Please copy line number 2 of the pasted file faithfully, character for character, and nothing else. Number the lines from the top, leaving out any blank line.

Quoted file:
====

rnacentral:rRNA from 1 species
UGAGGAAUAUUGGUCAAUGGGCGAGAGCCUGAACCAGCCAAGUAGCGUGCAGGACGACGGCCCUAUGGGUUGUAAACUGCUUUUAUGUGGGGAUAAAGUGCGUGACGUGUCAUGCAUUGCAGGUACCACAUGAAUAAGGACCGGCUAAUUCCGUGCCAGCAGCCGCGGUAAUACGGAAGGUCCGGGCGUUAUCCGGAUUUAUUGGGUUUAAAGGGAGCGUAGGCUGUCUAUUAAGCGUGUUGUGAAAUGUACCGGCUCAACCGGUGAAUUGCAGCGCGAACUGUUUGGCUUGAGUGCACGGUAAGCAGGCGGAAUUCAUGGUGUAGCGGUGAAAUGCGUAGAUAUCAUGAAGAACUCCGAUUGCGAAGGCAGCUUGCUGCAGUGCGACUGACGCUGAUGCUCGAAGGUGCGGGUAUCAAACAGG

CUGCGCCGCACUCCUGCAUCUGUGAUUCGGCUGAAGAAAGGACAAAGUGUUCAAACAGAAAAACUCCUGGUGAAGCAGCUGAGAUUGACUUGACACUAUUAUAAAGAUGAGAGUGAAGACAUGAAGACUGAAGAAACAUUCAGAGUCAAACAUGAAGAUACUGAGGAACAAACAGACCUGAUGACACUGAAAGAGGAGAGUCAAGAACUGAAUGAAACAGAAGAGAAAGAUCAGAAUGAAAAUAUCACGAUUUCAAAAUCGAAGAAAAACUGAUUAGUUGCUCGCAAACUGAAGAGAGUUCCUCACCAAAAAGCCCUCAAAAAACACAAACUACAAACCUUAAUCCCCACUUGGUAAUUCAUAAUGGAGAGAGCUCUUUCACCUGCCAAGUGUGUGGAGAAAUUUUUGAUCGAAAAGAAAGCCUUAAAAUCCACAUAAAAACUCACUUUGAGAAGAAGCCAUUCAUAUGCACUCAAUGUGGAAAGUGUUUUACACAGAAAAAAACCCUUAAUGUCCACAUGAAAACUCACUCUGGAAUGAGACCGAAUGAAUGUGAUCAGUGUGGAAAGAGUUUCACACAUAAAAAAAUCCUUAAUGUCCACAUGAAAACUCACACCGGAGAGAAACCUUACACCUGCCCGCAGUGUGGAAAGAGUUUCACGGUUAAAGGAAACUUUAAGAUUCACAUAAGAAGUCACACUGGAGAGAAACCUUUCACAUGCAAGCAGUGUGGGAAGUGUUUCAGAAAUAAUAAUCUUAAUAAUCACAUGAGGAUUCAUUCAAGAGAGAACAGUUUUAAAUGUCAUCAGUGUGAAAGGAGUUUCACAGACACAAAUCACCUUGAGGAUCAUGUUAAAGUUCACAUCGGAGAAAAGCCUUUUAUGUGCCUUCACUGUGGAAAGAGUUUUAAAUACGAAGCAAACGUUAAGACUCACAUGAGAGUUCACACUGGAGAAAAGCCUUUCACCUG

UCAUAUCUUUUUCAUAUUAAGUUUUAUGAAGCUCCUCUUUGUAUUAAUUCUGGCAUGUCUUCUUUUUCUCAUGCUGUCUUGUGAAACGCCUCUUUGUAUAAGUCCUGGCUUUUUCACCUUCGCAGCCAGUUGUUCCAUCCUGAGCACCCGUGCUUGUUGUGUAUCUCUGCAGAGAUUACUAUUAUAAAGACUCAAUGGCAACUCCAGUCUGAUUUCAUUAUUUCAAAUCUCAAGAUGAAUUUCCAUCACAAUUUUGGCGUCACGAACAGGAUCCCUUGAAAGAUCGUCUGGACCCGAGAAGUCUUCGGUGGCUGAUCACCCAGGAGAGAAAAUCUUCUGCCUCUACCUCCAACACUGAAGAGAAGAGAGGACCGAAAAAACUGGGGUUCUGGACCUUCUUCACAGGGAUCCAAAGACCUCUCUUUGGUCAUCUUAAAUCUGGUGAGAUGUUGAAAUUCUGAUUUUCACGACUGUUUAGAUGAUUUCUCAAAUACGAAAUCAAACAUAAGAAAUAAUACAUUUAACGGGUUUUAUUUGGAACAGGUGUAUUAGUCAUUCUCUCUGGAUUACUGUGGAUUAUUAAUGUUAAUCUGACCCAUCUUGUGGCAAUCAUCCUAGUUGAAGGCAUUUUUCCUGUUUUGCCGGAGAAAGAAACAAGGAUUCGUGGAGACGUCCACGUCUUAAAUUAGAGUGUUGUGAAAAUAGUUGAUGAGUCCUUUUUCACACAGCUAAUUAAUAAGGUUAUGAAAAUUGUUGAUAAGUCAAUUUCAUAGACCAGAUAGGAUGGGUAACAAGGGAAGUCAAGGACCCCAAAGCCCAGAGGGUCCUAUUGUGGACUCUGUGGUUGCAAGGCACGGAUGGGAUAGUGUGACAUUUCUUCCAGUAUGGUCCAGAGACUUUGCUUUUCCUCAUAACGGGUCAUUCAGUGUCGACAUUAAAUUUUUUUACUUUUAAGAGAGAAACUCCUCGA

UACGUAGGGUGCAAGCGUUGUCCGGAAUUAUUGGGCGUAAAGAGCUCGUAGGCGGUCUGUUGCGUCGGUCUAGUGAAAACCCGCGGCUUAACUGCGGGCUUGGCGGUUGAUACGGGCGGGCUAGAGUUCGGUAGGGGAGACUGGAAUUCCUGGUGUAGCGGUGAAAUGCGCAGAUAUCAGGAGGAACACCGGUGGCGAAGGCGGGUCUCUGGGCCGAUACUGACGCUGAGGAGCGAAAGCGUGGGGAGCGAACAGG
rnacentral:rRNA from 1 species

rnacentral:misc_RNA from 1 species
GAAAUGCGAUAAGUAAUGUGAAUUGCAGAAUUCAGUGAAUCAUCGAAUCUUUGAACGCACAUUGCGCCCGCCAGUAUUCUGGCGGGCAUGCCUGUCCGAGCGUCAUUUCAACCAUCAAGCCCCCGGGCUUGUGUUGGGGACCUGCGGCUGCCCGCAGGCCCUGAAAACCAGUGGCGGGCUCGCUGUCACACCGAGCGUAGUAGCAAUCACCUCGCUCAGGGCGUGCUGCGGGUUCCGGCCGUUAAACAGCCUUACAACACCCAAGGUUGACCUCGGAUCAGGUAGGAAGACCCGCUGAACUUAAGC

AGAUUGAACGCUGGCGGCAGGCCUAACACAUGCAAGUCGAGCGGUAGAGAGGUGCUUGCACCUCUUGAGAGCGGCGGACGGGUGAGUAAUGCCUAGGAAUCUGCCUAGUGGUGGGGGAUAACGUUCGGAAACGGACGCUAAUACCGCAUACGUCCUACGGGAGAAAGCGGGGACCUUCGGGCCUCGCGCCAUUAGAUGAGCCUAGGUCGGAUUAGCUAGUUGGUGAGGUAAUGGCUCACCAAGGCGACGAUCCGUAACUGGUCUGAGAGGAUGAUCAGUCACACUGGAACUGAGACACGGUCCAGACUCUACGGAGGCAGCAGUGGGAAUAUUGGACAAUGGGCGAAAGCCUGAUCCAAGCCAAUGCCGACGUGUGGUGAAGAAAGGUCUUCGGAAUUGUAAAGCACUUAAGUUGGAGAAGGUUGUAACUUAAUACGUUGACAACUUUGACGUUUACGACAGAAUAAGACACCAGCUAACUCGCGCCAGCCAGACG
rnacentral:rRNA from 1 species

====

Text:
UGAGGAAUAUUGGUCAAUGGGCGAGAGCCUGAACCAGCCAAGUAGCGUGCAGGACGACGGCCCUAUGGGUUGUAAACUGCUUUUAUGUGGGGAUAAAGUGCGUGACGUGUCAUGCAUUGCAGGUACCACAUGAAUAAGGACCGGCUAAUUCCGUGCCAGCAGCCGCGGUAAUACGGAAGGUCCGGGCGUUAUCCGGAUUUAUUGGGUUUAAAGGGAGCGUAGGCUGUCUAUUAAGCGUGUUGUGAAAUGUACCGGCUCAACCGGUGAAUUGCAGCGCGAACUGUUUGGCUUGAGUGCACGGUAAGCAGGCGGAAUUCAUGGUGUAGCGGUGAAAUGCGUAGAUAUCAUGAAGAACUCCGAUUGCGAAGGCAGCUUGCUGCAGUGCGACUGACGCUGAUGCUCGAAGGUGCGGGUAUCAAACAGG